The recent sell-off in the S&P 500 (down year-over-year for the first time since March 2020) not only scares investors, it scares Uncle Sam.
The Fed: No Good Options Left
So once again, the Fed has no good options.
Folks, if the Fed continues to tighten its monetary policies and hawkishly “taper” into a twin-deficit economy, markets will sink even faster—likely prompting an immediate dovish pivot by the Fed.
But then again, a dovish pivot just adds to the inflation fire burning all around us.
So, we repeat: The Fed is cornered. Its only choice is a tanking market (if it stays hawk-ish) or ripping inflation (if it pivots dovish).
Frankly, this is the worst macro environment we’ve ever seen in our careers. Period.
Falling Into Putin’s Trap?
Needless to say, the current geopolitical saber-rattling and weaponized sanctions are hardly offering any comfort to already deeply uncomfortable macro setting.
The trend toward rising energy costs and a commodity spike is only helping Putin as oil prices drive higher.
Such political and economic realities might convince the Fed to stay hawkish to “fight” these inflationary forces in the commodity market—which only means more disaster ahead for stocks and bonds.
Again: No good options left…
Speaking of Politics…
We know it’s never wise to delve into political discussions, but regardless of one’s left or right tendencies, I feel we can all agree that Biden is facing some embarrassing performance reporting.
A week ago, he was bragging about the 7.9 million jobs created since he took office.
What he forgot to tweet, however, is that in the same week the US GDP number for Q1 had dropped by a 1.4% annual rate.
He’s “not concerned.”
But WE are.
Recessions have a funny way of killing jobs, and what was gained under Biden’s boastful tweet can disappear in a matter of recessionary hours.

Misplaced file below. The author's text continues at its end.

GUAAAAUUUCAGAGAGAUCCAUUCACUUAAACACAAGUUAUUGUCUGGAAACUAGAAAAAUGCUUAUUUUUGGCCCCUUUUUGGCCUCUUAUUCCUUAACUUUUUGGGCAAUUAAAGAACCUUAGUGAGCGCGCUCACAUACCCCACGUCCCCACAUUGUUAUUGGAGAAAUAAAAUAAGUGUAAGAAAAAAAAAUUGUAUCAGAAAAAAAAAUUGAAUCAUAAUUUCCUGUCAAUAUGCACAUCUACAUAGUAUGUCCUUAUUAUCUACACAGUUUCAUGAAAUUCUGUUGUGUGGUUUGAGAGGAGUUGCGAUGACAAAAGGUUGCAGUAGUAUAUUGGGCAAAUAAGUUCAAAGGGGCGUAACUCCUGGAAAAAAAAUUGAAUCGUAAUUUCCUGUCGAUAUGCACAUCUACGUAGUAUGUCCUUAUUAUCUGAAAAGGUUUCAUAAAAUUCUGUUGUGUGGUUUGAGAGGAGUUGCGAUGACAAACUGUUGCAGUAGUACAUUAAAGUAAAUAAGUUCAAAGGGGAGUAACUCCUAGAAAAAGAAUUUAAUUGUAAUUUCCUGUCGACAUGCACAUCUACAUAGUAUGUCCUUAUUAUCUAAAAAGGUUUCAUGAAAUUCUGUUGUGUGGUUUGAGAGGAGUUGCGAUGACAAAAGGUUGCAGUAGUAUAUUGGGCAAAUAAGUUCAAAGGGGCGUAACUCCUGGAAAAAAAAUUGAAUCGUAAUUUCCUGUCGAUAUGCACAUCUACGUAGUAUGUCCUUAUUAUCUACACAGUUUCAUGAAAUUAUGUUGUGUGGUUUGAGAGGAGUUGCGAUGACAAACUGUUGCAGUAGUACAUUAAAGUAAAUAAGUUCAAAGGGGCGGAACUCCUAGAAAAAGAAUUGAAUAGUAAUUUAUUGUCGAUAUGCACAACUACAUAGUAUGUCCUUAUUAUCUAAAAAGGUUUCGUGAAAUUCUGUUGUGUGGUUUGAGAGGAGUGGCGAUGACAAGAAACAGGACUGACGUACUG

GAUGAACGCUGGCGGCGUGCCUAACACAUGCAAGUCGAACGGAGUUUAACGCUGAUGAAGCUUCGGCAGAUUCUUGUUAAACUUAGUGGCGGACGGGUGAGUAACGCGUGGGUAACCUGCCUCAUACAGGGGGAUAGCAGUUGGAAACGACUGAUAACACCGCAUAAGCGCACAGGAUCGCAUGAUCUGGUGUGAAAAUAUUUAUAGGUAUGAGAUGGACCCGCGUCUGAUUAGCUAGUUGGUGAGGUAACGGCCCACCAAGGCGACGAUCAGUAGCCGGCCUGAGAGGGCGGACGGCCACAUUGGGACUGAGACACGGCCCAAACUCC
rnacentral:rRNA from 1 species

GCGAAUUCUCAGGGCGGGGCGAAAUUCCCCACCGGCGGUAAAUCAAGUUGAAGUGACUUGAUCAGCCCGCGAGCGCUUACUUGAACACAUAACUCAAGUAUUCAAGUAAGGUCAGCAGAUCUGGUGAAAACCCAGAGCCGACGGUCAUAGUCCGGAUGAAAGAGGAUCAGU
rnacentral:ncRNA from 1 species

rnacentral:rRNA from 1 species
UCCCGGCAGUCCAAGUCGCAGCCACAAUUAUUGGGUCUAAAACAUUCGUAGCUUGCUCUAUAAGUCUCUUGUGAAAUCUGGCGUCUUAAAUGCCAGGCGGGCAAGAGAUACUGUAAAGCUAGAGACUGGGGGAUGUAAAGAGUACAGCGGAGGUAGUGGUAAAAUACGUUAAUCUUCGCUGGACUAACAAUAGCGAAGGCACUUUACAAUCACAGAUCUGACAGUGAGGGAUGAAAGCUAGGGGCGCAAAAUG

More importantly, signs of such a job-killing recession are everywhere, from declining GDP data to other tell-tale recession indicators like oil consumption-to-GDP ratios and whip-sawing USD strength.
The Ironies Abound
And speaking of the USD and its waning, post-sanction back-lash, it’s also worth noting that four European gas buyers have decided to use rubles to pay for the same.
The ironies just abound as European nations are asked by Biden to sanction Putin in day 1 of the Ukraine invasion, but by month two of the war are paying Putin for his energy in RUB.
But as we warned from the beginning of this tragic war, the West didn’t seem to see their own financial toes as they shot themselves in the foot.
As of now, Western leaders like Boris Johnson are also finding a foot in their own mouths as absurd war talk escalates in a nuclear era.
Such talk is pure madness, in our opinion, as no one wins when air-born radiation replaces bullets.
In any event, and regardless of one’s politics, the trend toward a multi-currency world is now in play and the USD’s role as a world reserve currency is slowly changing course.
The impact all of these changes will have on markets, currencies and economies is simply staggering, and places enormous priority on actively managing portfolios through a literal minefield of changing signals.